It is the town on this shore.

Puddleby it is named for the consistency of it's streets

Which are constant in their muddiness.

Though much we've won here through our efforts

We have not yet the leisure to carve out stones for pavement.

The Thooms, at least, like it,

Though the rest of us tire of having wet shoes.

Beyond the town lie the fields and forests,

And beyond them are the mountains.

There live foes that would see us thrown from these shores.

But here, through strength of arms, we have won a sliver of peace.

My father is one of the warriors of this place.

Anon he comes.

(Father enters.)


And here is my Silvia.

I have been seeking you, my daughter.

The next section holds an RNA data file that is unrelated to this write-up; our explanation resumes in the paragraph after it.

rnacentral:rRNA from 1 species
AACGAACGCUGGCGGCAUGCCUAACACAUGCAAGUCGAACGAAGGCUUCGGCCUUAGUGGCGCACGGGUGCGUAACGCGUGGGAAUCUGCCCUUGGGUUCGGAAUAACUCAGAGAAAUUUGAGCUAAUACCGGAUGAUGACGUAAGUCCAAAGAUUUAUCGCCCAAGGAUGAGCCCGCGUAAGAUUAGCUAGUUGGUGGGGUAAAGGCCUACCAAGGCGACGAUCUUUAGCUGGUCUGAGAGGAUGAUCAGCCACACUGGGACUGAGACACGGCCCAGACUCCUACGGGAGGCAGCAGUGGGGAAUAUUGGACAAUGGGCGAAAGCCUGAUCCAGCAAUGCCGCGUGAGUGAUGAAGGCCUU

One lies injured in town, and has need of you.


I will go to him.

Will you see to this Zo standing before you?

Gerik is his name. He is new arrived.


I will. Now get you hence, for you are needed.

(Silvia exits.)


My daughter is a kind girl.

She has learned at the hands of the masters

And now she knows the healing arts.

But you, you have the look of a soldier.

Your limbs radiate power, your face speaks of inner strength.

It seems as though I have seen you before.

Do I know you?

Gerik: (to audience.)

It may be that he does, but he remembers not.

Many of those here were exiled by my men and efforts.

Perhaps it would be wise not to recall it to them.

(to Father)

I was a soldier once. But my soldiering days are ended.

I am an exile, for I freed Mobius' foes.


Then you were a rebel, as was I. Be welcomed.

We have need here of warriors and soldiers.

Look you out over the waters. What do you see?


I see an island. Smoke rises from it's center.


That is the Island of Devils. And beyond it?